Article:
This moment of crisis brings both danger and opportunity.
Using Wednesday’s events at Capitol Hill as a pretext, the titans of Big Tech have shown themselves in recent days to be the closet totalitarians that we always suspected they were.
Two conservative Twitter accounts I follow–those of Lisa Boothe and Allie Beth Stuckey— report that they have lost thousands of Twitter followers overnight, as Twitter censors have arbitrarily deleted thousands of accounts.
This is probably just another case of censors protecting us from “violence”. As you can see, both Boothe and Stuckey are very dangerous-looking characters. They are almost as fearsome-looking as Ashli Babbitt, the young woman gunned down by DC police earlier this week at Capitol Hill.
A green light to censor
We can all agree that the President of the United States is, in theory, at least, the most powerful person in the world. If Twitter and Facebook will unilaterally close the accounts of the President of the United States because they don’t like what he says, how much of a chance do you think you have against the tech overlords?
This is not going to get better in the near future. We are now less than two weeks away from the beginning of the Biden administration, and Democratic majorities in both houses of Congress. Jack Dorsey, Mark Zuckerberg, and their peers believe that they have a green light to do whatever they want. In the short term, at least, they probably do.
The dual nature of a “crisis”
The Sino-Japanese character for crisis, 危機 ,contains two elements. The first of these, 危 ,means “danger”. The second element, 機 , means “opportunity”.
I was never comfortable with the idea of so much expression on the Internet being controlled by a few companies run by a handful of people. This was always a recipe for trouble, the particular circumstances of our present culture war aside.
The Internet before social media (up until about 2005) was wild, free, and diverse. There were always mechanisms in place to deal with genuinely evil content—actual incitements to violence, child pornography, etc. We had laws before we had speech czars at Twitter and Facebook.
What we did not have on the Internet before social media was the constant fear that any partisan statement with a conservative spin could be used as a pretext by a Twitter mob or a Facebook censor to shut you down. Although I’ve referred frequently to Mark Zuckerberg and Jack Dorsey, most of the corporate censors at Facebook, Twitter, and YouTube are low-level employees in their twenties and thirties. Most Twitter mobs are comprised of “woke” twentysomethings.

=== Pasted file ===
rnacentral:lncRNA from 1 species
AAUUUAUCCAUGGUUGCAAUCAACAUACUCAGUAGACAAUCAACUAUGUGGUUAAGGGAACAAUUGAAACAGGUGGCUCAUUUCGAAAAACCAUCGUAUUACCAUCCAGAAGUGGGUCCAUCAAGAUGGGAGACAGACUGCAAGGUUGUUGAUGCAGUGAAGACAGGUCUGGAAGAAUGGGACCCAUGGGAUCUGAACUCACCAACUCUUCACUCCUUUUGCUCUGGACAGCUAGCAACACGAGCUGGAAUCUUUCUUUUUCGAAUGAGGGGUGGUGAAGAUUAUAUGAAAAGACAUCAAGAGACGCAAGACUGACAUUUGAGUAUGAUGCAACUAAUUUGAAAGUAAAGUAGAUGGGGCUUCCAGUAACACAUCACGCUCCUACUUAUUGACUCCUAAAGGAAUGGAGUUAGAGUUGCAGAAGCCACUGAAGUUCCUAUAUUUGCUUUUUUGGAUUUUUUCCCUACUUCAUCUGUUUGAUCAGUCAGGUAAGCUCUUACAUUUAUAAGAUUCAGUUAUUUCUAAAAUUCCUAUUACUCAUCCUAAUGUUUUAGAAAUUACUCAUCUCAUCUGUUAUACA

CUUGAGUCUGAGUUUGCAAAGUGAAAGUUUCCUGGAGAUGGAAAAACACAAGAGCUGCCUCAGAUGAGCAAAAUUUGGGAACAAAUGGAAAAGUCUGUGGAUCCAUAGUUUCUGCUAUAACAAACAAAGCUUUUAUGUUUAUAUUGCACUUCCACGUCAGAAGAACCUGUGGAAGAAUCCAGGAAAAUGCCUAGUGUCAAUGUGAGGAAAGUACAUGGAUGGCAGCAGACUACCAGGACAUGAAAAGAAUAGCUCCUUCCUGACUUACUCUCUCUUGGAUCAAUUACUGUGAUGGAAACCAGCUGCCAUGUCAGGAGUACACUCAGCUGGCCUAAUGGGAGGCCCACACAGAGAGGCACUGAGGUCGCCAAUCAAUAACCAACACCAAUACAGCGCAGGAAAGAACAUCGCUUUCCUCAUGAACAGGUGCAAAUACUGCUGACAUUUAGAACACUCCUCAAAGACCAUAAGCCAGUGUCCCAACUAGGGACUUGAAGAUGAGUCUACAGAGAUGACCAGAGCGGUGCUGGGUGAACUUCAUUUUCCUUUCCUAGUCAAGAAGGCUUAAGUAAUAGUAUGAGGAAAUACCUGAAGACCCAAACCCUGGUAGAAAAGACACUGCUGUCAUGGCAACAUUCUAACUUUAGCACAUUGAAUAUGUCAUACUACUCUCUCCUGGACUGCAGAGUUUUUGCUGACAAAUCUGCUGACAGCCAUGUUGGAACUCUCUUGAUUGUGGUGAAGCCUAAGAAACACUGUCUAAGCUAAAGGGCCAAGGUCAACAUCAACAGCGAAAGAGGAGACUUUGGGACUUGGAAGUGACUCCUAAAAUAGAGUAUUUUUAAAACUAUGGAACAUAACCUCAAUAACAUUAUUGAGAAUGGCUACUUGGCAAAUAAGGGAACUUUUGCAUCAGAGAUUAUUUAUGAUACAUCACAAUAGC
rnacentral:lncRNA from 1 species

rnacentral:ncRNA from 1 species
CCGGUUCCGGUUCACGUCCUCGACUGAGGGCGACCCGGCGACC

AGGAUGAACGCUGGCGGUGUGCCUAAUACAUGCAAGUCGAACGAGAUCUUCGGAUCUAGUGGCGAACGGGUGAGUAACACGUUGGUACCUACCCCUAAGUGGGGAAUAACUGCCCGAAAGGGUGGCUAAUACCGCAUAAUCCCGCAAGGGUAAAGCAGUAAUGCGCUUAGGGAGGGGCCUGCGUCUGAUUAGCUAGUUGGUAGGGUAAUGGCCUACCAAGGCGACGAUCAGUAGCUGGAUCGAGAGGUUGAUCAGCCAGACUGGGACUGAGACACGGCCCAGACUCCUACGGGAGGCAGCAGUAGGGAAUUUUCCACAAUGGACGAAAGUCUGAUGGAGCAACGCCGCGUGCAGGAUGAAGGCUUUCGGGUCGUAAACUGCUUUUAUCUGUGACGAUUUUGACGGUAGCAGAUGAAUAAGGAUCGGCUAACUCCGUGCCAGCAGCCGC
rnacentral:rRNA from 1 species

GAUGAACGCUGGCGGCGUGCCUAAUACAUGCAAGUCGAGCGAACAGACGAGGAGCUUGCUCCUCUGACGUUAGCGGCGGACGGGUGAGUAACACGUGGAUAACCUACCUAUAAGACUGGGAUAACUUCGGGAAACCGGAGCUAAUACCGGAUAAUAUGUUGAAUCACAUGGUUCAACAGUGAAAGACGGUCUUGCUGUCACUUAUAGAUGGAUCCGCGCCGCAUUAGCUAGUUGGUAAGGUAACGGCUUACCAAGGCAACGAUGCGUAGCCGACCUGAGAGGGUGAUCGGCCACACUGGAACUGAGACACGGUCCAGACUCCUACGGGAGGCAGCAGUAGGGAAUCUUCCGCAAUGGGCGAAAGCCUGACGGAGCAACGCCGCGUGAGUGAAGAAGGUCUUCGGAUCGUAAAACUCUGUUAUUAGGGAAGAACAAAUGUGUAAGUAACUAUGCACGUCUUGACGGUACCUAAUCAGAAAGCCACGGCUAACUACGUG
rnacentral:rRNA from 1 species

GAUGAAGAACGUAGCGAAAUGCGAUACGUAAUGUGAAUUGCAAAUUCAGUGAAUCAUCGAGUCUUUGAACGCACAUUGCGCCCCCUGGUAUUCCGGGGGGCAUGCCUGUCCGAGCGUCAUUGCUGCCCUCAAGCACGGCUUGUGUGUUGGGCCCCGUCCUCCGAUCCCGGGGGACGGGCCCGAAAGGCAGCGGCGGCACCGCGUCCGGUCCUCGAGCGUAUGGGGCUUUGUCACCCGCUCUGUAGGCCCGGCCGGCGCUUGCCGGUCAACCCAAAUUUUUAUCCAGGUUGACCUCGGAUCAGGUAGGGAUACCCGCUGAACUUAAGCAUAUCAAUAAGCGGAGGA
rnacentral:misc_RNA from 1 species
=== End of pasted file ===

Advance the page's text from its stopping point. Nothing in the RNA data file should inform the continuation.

This is the crowd that is now deciding what you can say on the Internet, and what you can’t….every single time you use Twitter, Facebook, Instagram, or YouTube.
That’s the danger. Here’s the “opportunity”. If you’re a writer, blogger, or other creative professional, take this as a cue to create your own platform. Build your own website. If you really miss the social aspect of social media, then join forces with a handful of likeminded creators, and build something together.
I’m not saying you have to recreate Twitter. How about a WordPress blog? That’s how many of the Internet’s great group blogs got started.
“Organic reach” on Facebook, Twitter, and YouTube has been abysmal for years, anyway. A few years ago, Mark Zuckerberg decided that he wanted creators to pay for traffic on Facebook, rather than getting it organically (for free). This was unrelated to the present political troubles. This was simply a matter of Zuckerberg wanting musicians, writers, and bloggers to pay for every fan engagement on his site. Every creative who still uses Facebook as a marketing platform does so with paid ads. And this has been the case for at least three or four years.
Twitter, meanwhile, has been so useless for content creators, for so long, that it isn’t worth discussing. The Golden Age of YouTube for non-corporate content creators ended about four years ago.
The solution: build your own platform, and patronize independent platforms
If you’re a content creator/influencer seeking an audience, build your own platform, either by yourself, or with a handful of other creators who share your goals, vision, and values.
If you’re an online “lurker”—someone who mostly consumes content— find independently run blogs to start visiting on a regular basis. Most will allow you to chime in with comments of your own.
Obviously, I would be flattered if you made Edward Trimnell Books one of your online daily stops. But if this blog and this proprietor are not to your taste…no worries! Find other ones that fit your needs. There are plenty of them online. But whatever you do, don’t hang out on Facebook, Instagram (owned by Facebook) or Twitter anymore.
The only way to break the iron grip of social media is to stop using it. This is a task for content creators and consumers alike.
Let Jack Dorsey, Mark Zuckerberg, and their employees have Facebook and Twitter. We’ll take the rest of the Internet.
Lee McCabe is on the run from the law, mafia hitmen, and rural meth dealers. A gun-blazing chase through the badlands of Kentucky.